Ransomware is a growing threat in cities: How are they defending themselves?
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Ransomware is a growing threat in cities: How are they defending themselves?

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Author | Raquel C. Pico

In the list of cybersecurity threats, ransomware has emerged as one of the most rapidly expanding in recent years. New statistics indicate an annual increase of 42% in ransomware cases, elevating it to one of the foremost concerns for urban IT managers.

In order to gain a complete understanding of what constitutes a ransomware attack, we need to first understand two key issues. One crucial aspect is the paramount significance of data, which has solidified its position as the cornerstone upon which an increasing number of everyday elements rely. Another is the impact of losing control over this information, which can result in legal, economic, and reputational repercussions.

Cybercriminals utilize malware as their primary tool, exploiting security breaches, sometimes as simple as human errors, to gain control over systems. Subsequently, they issue threats to either delete the information or make it public if a ransom payment is not made. During this process, the systems remain effectively blocked, rendering everything dependent on them inoperative. Consequently, for cities, it comparable to having the lights abruptly switched off, forcing people to operate in darkness,

Cities that have fallen victim to ransomware

Cities are not the only victims of ransomware. The spectrum of potential targets that cybercriminals have in mind ranges from private companies, including SMEs and major corporations, as well as highly sensitive entities like hospitals. The cyberattack on the Hospital Clínic in Barcelona in 2023 is a recent example.

Nonetheless, as highlighted in an analysis published by the World Economic Forum, cities present a particularly easy target for cybercriminals due to operational vulnerabilities. Cities often lag behind private companies in terms of the digital transition, which increases the likelihood of their systems being outdated in an environment where an increasing number of elements are being digitized.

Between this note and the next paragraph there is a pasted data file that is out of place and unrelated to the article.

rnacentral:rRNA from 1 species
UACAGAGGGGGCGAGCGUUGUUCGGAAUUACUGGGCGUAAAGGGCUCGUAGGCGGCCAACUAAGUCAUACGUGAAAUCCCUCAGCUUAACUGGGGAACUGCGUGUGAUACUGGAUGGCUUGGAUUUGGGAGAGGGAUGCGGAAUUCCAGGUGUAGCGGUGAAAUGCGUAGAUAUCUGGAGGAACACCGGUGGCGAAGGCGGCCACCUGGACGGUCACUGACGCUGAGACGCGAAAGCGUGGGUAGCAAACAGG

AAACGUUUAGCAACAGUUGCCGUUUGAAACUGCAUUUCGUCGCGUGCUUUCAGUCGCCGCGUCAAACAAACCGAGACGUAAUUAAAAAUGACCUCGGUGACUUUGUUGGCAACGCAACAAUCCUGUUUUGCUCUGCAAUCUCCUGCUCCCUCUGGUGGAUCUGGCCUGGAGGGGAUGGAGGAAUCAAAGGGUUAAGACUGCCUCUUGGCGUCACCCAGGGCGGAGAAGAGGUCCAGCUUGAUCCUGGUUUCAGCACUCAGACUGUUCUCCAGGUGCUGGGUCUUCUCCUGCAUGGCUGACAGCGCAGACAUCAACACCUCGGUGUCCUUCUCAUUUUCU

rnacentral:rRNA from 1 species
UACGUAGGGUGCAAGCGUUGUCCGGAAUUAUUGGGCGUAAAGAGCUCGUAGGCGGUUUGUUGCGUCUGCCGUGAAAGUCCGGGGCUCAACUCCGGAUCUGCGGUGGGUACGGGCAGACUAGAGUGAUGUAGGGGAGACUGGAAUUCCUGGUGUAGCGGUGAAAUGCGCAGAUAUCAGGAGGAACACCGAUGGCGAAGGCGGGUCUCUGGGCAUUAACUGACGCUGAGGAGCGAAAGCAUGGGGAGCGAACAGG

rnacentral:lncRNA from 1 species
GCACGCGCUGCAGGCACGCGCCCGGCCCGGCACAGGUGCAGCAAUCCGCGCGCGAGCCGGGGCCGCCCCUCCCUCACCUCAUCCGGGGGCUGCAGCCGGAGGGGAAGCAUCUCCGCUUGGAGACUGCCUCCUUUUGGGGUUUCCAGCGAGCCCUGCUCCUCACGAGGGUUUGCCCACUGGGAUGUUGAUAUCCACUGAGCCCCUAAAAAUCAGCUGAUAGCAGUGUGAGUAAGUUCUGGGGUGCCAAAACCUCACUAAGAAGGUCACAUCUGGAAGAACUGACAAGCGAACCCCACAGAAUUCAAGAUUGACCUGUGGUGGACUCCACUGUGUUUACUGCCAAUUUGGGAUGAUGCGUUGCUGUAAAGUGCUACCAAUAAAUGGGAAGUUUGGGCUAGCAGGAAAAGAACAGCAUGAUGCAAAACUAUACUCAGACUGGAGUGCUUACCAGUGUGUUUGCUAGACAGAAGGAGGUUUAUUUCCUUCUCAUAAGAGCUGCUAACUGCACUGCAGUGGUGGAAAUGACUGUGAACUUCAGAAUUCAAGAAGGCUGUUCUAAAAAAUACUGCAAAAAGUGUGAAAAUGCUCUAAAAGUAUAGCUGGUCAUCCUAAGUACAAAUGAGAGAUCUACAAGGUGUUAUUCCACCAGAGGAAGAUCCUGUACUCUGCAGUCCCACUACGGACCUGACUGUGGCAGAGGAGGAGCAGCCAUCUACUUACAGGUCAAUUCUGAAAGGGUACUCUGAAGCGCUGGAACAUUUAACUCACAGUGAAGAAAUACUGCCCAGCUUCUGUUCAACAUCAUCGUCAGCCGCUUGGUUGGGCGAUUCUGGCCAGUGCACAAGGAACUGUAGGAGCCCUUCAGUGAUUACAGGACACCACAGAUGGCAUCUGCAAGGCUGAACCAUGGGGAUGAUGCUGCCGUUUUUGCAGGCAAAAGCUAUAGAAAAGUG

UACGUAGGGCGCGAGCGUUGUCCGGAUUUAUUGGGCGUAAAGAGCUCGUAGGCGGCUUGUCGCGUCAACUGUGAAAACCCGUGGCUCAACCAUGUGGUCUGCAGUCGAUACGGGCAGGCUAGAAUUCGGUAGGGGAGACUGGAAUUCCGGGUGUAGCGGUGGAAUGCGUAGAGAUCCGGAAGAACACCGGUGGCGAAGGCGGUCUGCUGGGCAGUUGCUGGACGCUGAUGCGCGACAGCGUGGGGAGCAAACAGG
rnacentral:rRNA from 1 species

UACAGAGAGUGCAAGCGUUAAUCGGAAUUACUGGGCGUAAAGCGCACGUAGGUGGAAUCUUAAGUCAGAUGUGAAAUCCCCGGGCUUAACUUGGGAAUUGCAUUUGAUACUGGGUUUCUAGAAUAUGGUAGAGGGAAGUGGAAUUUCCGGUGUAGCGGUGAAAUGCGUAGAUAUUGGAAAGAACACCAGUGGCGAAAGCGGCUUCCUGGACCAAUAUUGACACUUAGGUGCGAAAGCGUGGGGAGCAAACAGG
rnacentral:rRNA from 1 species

Hence this issue is impacting towns and cities of all sizes worldwide. The most notable cases have occurred in medium to large cities, as the urban scale entails a larger number of potential victims and greater potential effects. In light of this situation, cybercriminals exert greater pressure on their victims.

An attack in Dallas rendered numerous municipal departments inoperative, forcing authorities to manage emergencies using analog methods. The same occurred in Oakland, where residents’ and municipal personnel’s data ended up being published on the dark web. A few years ago, ransomware incidents caused electricity supply interruptions in Johannesburg and disrupted Dublin’s tram system.

How to ensure protection against ransomware

Despite the potential risks posed by these attacks, cities cannot afford to shun digitalization as a means to avoid them. A robust ransomware defense and a comprehensive digital strategy are essential for preventing such issues.

Just as cities develop physical security strategies, they must also prioritize the development of digital security measures. Cities must implement cyber-resilience strategies, establish specialized teams, and provide comprehensive education to personnel to mitigate human error, and understand and adapt to the evolving challenges of the 21st century in the municipal landscape. Today’s urbanism is already digital.

This is why it is often said that smart cities are better prepared to manage these situations compared to non-smart cities, since their IT tools and their systems are consistently monitoring and functioning. Cities are typically not showcased as success stories when it comes to detailing their efforts to combat potential cyberattacks. However, the inherent nature of smart cities is what gives them strength in this regard.

In short, the primary defense against ransomware lies in implementing a robust digital strategy. It is simply the digital version of the popular adage that “prevention is better than cure.” Ransomware prevention guides recommend modernizing technology and constantly updating systems and programs. Proactive monitoring and the establishment of alert systems for detecting issues can prove to be immensely beneficial.

Among the recommendations on how to combat ransomware, having a recovery strategy in place is equally crucial. This strategy aids in reactivating the city in the event that, despite all efforts, the attack is successful. Equally important is separating systems based on their condition. By segregating more critical systems from those that are less so, makes them more inaccessible.

Both expert security firms and law enforcement agencies emphasize that cities should never pay cybercriminals. Succumbing to extortion does not guarantee resolution of the problem. Despite all efforts, cybercriminals may still choose to publish the data, and it potentially invites further attacks as they realize the effectiveness of their tactics.

Image | Just Super

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